Amazon Sues Two Firms Over Alleged Alexa Scam

Amazon Alexa

Amazon has filed suit against two companies that are allegedly operating a global tech support scheme targeting Alexa users, CNN reported.

The lawsuit, filed last week in U.S. District Court in Seattle, alleges Washington-based Robojap Technologies and Quatic Software Solutions in Punjab, India have scammed Amazon users by offering help to install Alexa on their devices through fake websites and applications.

In court documents, Amazon argues the companies developed a fraudulent technical support platform to trick customers seeking to set up Alexa-enabled Echo smart speakers at home with faux Amazon apps.

Attorneys for Amazon say once customers download the faux Amazon-branded apps they were prompted to contact a customer support number and “could be charged $150 for useless protection plans.”

Amazon provides Alexa device setup at no cost through its own Alexa mobile app.

The online retail giant said it has received a number of complaints about Robojap misleading victims into believing they are affiliated with Amazon, and selling them unwanted services.

“Amazon works hard to protect our customers, and the blatant misuse of our brand to deceive unsuspecting customers setting up their new device is appalling,” a company spokesperson said in a statement to CNN.

The companies allegedly used Amazon’s trademarks and made false and misleading statements about Amazon’s services, to divert victims from Amazon’s genuine activation process and customer support, Amazon said in the lawsuit.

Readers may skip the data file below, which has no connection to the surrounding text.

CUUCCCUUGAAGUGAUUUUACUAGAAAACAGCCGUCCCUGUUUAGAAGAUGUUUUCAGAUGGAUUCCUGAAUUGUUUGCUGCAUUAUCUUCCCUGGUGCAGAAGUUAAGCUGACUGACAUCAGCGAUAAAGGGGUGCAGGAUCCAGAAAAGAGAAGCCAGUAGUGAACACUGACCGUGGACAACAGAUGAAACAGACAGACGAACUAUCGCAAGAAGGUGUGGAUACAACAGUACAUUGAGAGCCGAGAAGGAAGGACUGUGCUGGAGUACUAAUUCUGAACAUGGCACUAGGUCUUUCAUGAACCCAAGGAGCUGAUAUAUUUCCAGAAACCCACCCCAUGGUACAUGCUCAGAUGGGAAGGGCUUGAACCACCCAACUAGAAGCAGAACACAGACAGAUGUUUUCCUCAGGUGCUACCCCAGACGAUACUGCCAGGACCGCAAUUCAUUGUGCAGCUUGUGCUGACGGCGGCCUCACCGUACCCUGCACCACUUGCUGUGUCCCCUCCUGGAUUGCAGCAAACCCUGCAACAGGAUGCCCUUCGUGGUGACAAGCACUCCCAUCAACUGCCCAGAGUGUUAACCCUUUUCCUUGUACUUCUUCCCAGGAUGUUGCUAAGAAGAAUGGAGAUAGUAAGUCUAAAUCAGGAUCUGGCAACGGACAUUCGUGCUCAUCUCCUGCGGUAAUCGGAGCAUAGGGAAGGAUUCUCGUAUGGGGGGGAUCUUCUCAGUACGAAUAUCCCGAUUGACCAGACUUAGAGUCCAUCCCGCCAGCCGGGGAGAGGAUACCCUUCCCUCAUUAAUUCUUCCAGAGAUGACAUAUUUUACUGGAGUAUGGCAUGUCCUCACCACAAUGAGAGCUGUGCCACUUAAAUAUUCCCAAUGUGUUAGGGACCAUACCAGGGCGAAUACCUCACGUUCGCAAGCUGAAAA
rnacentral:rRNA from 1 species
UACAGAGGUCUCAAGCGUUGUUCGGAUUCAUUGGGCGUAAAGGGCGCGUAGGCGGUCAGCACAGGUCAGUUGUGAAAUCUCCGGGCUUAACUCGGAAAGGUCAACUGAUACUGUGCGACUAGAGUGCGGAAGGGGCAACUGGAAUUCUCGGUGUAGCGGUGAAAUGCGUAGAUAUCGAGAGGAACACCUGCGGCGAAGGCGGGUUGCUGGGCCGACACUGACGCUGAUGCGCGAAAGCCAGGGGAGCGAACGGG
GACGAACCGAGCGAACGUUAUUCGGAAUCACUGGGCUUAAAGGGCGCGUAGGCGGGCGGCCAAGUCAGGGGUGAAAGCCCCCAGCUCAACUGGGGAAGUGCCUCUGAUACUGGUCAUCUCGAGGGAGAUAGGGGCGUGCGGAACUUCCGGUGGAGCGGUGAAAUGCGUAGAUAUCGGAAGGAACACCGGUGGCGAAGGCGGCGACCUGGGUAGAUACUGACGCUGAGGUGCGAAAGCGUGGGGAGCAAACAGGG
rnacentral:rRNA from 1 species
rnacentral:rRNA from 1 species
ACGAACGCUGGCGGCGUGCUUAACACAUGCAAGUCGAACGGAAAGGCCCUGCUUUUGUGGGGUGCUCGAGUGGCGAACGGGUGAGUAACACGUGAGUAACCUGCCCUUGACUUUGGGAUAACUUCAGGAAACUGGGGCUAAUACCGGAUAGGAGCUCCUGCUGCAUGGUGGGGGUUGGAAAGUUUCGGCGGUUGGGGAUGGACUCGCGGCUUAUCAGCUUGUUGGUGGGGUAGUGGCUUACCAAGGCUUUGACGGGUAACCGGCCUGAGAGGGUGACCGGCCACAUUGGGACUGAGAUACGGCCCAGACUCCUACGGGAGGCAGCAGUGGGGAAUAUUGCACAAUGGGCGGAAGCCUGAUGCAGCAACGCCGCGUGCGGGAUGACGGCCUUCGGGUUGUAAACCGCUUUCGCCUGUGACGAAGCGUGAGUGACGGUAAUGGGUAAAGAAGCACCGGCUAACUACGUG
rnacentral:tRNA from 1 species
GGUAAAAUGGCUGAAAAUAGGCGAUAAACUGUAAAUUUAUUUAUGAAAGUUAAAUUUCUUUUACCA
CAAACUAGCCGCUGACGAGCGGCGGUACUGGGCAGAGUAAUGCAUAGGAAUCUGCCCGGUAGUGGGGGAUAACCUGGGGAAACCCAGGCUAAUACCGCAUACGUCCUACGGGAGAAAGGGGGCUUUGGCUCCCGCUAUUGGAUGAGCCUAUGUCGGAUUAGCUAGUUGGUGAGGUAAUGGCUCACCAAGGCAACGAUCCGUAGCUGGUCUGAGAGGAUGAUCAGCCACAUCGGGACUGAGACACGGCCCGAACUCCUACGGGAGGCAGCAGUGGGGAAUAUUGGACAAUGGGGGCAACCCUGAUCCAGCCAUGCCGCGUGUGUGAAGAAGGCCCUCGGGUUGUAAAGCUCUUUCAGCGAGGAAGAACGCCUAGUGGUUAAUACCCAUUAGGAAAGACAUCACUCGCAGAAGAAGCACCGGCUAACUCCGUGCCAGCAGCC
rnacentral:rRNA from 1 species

Robojap and Quatic could not be reached for comment, the news service reported.

Tim Mackey, principal security strategist at Synopsys Software Integrity Group, said fake customer support schemes are nothing new nor are questionable websites purporting to have the download, driver or patch that customers are searching for but can’t find on the vendor’s website.

“These scams all prey on the fact that modern technology is often more complicated than the user would prefer,” Mackey told Outlook in a statement. “In this case, it’s in Amazon’s best interest for new Alexa users to have a positive first impression. Charging $150 for a tech support call goes against that goal, so it’s likely a scam. So too is any requirement to use any third party app to set up an Alexa,” he added.


New PYMNTS Report: The CFO’s Guide To Digitizing B2B Payments – August 2020 

The CFO’s Guide To Digitizing B2B Payments, a PYMNTS and Comdata collaboration, examines how companies are updating their AP approaches to protect their cash flows, support their vendors and enable their financial departments to operate remotely.